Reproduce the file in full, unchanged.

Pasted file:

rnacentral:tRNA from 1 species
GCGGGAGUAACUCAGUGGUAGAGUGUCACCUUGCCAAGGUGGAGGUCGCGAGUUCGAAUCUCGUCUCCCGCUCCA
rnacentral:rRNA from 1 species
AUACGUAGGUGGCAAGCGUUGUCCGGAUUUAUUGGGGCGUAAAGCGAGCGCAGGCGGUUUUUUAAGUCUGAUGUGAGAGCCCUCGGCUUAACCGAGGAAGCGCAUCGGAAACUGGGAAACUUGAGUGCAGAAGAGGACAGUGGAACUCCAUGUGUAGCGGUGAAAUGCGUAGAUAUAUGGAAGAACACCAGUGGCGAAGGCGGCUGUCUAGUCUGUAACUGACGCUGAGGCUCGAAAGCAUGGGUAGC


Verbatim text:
rnacentral:tRNA from 1 species
GCGGGAGUAACUCAGUGGUAGAGUGUCACCUUGCCAAGGUGGAGGUCGCGAGUUCGAAUCUCGUCUCCCGCUCCA
rnacentral:rRNA from 1 species
AUACGUAGGUGGCAAGCGUUGUCCGGAUUUAUUGGGGCGUAAAGCGAGCGCAGGCGGUUUUUUAAGUCUGAUGUGAGAGCCCUCGGCUUAACCGAGGAAGCGCAUCGGAAACUGGGAAACUUGAGUGCAGAAGAGGACAGUGGAACUCCAUGUGUAGCGGUGAAAUGCGUAGAUAUAUGGAAGAACACCAGUGGCGAAGGCGGCUGUCUAGUCUGUAACUGACGCUGAGGCUCGAAAGCAUGGGUAGC